Why should not I add current directory to PATH in Linux?

In summary, adding the current directory to the $PATH variable can lead to security vulnerabilities, as it allows malicious users to execute potentially harmful commands from the current directory. This can be mitigated by placing the current directory at the end of $PATH rather than the beginning. This was demonstrated in the example given, where a sneaky ls command in the current directory was executed instead of the authentic one in the /bin directory.
  • #1
shivajikobardan
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Why should not I add current directory to PATH in Linux?
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I get that if I put current directory in PATH like said above, I can execute commands from any directory. But what's the problem in that? How's other person able to come and execute it? Why does it makes system unsecure compared to the case where we don't put current directory to PATH? Can you explain the example he's telling?
 
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  • #2
To make his example more explicit, suppose that the directory you're currently in, has a program (put there by some sneaky person) named ls, that reformats your disk, or encrypts it with a secret password, or something like that. You decide to find out what files are in the directory, and type the usual ls command. It runs the sneaky ls instead of the normal ls command which is something like /usr/bin/ls.
 
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  • #3
In that example, the system will look in the current directory before looking in /bin or /usr/bin. It will therefore run the dodgy ./ls rather than the authentic /bin/ls. And the malicious user can modify ./ls so it doesn't list itself when imitating the output of /bin/ls.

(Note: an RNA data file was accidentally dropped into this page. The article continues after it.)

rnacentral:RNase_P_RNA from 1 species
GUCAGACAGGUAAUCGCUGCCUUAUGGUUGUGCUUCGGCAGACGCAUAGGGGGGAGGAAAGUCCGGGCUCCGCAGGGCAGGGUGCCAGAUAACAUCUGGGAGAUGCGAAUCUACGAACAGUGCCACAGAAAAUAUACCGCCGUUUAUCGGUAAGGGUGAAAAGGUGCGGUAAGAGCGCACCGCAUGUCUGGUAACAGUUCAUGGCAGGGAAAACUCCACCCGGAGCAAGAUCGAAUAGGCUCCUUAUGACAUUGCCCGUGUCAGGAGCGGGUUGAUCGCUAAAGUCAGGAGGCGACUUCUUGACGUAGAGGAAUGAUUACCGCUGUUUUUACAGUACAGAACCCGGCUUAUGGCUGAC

This can be mitigated by placing . at the end of $PATH rather than the beginning.
 
  • #4
pasmith said:
In that example, the system will look in the current directory before looking in /bin or /usr/bin. It will therefore run the dodgy ./ls rather than the authentic /bin/ls. And the malicious user can modify ./ls so it doesn't list itself when imitating the output of /bin/ls.

This can be mitigated by placing . at the end of $PATH rather than the beginning.
thank you. I got this now.
 

Related to Why should not I add current directory to PATH in Linux?

1. Why should I not add the current directory to PATH in Linux?

Adding the current directory to your PATH in Linux can pose a security risk as it allows for the execution of potentially malicious scripts or binaries in your current directory without specifying their full path.

2. Can adding the current directory to PATH cause conflicts with system binaries?

Yes, adding the current directory to your PATH can potentially cause conflicts with system binaries if a script or binary in your current directory has the same name as a system binary. This can lead to unintended consequences or security vulnerabilities.

3. How can I run scripts or binaries in the current directory without adding it to PATH?

You can run scripts or binaries in the current directory by specifying the full path to the script or binary when executing it. For example, to run a script called "myscript.sh" in the current directory, you can use "./myscript.sh" to execute it.

4. Are there any alternative ways to avoid adding the current directory to PATH?

Yes, you can create a separate directory for your scripts or binaries and add that directory to your PATH instead of the current directory. This helps to keep your system organized and reduces the risk of executing malicious scripts or binaries inadvertently.

5. What are the best practices for managing the PATH environment variable in Linux?

It is recommended to only add directories containing trusted scripts or binaries to your PATH in Linux. Avoid adding the current directory or directories with untrusted content to your PATH to minimize security risks and prevent conflicts with system binaries.

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